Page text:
In accordance with another aspect of the present invention, the semiconductor structure is used to protect an internal circuit, output buffer, I/O buffer, input cell, or 3V/5V-tolerant I/O cell library of the MOS integrated circuit by slowing down the turn-on speed or increasing the break-down voltage of the output device with small driving current ability, such that the ESD-protection device with a large device dimension can be triggered on to bypass ESD current during an ESD stress event. Related aspects and advantages of the invention will become apparent and more readily appreciated from the following detailed description of the invention, taken in conjunction with the accompanying drawings.
FIGS. 1(a)-(c) are schematic circuit block diagrams showing conventional circuit function and device dimension of I/O cells;
The present invention will now be described by way of preferred embodiments with references to the accompanying drawings. Like numerals refer to corresponding parts of various drawings.
Referring now to
The operation of the present invention as shown in FIGS. 7(a)-(c) is more fully discussed hereinafter. The drain of Mn1 finger is filly surrounded by the P+ pick-up diffusion 70 (base guard ring). Therefore, the parasitic BJT in the Mn1 device 72 has a smaller equivalent base resistance (Rsub1) in the P-well/P-substrate, because the distance from the base region (under the Mn1 channel region) to the grounded P+ pick-up diffusion 70 is shortest in the layout structure. The drain of Mn2 fingers are drawn without such additional pick-up diffusion region 70, and therefore the parasitic BJT in the Mn2 device 74 has a larger base resistance (Rsub2). When a positive ESD voltage is attached to the output pad as shown in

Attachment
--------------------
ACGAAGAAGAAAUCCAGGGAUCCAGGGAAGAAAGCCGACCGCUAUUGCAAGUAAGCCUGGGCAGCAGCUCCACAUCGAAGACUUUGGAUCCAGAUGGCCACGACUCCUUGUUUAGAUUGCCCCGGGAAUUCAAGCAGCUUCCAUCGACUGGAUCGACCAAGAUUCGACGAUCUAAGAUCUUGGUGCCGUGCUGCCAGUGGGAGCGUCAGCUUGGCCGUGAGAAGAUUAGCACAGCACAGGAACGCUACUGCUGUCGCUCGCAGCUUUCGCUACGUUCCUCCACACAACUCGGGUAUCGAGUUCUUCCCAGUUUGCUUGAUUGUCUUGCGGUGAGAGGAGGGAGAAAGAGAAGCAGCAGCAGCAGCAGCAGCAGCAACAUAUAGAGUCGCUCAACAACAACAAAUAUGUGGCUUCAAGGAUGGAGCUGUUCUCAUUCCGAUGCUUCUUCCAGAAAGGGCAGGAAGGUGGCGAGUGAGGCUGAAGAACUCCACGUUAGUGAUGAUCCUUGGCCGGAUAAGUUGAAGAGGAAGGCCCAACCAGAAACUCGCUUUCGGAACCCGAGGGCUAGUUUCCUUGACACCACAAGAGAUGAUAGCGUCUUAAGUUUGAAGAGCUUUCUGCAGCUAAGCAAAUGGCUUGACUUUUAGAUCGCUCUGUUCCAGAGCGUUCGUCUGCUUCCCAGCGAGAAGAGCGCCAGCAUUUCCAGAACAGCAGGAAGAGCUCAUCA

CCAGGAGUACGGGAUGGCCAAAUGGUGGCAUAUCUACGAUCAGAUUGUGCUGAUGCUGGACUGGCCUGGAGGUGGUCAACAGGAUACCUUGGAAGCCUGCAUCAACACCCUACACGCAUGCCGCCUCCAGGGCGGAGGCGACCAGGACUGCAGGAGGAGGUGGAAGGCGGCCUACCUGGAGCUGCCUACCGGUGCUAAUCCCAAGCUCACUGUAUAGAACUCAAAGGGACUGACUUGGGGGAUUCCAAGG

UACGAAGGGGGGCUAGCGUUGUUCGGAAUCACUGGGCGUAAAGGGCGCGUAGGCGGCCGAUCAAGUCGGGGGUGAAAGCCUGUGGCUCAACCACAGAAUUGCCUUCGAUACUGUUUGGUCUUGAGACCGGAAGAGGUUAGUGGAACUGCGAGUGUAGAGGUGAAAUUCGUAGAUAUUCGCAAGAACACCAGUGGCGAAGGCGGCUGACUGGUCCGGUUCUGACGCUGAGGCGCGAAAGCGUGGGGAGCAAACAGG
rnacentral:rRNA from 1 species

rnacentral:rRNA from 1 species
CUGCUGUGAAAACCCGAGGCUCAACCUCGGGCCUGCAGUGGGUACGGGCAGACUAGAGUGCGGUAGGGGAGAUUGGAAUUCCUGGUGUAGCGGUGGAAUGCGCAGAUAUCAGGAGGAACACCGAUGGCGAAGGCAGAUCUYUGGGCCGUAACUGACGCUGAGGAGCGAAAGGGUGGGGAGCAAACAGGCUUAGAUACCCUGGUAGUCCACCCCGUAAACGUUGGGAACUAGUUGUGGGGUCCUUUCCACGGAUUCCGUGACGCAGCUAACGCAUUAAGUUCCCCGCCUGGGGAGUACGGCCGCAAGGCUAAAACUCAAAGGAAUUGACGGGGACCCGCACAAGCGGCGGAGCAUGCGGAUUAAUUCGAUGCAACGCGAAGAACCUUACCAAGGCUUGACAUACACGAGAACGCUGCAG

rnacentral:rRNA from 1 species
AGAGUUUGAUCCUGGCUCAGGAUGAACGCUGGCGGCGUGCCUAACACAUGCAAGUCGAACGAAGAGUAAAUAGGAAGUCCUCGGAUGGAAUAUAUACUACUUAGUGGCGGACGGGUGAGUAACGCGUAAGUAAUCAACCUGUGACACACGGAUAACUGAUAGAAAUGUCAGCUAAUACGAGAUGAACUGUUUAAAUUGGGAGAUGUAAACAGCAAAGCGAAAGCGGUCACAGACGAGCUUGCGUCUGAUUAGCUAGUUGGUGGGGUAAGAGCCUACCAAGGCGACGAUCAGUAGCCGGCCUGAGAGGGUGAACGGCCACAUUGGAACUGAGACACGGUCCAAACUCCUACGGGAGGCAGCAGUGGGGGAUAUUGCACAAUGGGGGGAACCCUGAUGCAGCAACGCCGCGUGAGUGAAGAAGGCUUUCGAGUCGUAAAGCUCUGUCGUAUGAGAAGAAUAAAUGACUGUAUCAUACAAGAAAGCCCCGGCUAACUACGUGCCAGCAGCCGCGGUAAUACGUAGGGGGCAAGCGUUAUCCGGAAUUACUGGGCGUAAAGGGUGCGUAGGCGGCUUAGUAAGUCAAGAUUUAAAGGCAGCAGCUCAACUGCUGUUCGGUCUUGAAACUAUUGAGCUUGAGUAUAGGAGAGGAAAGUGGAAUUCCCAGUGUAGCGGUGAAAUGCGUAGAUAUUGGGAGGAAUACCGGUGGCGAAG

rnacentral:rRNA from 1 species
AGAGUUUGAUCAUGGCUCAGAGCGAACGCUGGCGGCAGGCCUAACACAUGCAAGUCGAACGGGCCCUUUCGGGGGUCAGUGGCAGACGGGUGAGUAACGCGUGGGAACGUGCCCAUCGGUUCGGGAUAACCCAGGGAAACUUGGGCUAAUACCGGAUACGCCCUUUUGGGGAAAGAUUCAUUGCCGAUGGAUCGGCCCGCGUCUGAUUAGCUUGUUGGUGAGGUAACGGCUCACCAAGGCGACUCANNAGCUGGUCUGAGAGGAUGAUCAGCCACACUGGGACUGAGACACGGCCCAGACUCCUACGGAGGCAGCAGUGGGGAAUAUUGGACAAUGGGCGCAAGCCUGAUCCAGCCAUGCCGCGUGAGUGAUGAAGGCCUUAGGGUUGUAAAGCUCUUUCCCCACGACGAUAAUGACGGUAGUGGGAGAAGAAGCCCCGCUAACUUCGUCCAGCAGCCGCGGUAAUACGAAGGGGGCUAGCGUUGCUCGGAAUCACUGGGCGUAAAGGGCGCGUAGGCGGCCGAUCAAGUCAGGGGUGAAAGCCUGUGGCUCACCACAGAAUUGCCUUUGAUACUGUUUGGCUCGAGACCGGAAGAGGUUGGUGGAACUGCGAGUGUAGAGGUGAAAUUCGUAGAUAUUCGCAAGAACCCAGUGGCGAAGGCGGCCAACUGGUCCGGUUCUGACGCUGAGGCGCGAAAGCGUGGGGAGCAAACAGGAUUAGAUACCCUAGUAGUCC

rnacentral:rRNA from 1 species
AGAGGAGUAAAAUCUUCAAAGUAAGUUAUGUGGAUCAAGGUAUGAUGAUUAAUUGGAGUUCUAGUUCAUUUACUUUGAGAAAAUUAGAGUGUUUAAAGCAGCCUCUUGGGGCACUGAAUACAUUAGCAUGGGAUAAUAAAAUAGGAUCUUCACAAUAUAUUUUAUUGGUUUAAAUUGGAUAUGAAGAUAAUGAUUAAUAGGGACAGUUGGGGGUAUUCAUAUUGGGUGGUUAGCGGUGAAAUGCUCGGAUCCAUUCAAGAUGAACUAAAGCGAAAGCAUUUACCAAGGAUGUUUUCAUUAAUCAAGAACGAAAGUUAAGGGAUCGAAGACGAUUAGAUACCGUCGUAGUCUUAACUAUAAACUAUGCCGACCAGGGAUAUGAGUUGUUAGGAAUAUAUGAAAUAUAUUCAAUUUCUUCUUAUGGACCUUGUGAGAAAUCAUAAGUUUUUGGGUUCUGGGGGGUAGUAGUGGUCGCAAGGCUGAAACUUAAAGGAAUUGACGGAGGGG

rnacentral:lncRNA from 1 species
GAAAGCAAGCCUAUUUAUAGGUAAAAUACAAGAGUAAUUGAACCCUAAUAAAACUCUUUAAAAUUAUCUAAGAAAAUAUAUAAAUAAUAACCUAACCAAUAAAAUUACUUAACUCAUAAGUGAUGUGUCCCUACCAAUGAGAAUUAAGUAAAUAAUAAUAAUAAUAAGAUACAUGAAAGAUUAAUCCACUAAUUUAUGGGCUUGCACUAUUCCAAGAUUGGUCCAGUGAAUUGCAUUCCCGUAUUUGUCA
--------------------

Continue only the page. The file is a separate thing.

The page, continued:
To achieve this effect, the layout structure of the present invention incorporates the additional pick-up diffusion 70 (base guard ring) around the used Mn1 device 72, but not around the unused Mn2 device 74. The triggering on the Mn1 device 72 into a snapback region is restrained or delayed by the additional pick-up diffusion 70, and this allows enough time for the Mn2 device 74 with a relatively larger device dimension to be triggered on to discharge ESD current. If the PMOS has a small Mp1 driving device and a larger unused Mp2 device in the I/O cell layout, the output PMOS device of the present invention can also carried out by means of pulling up device between VDD and the output pad 78.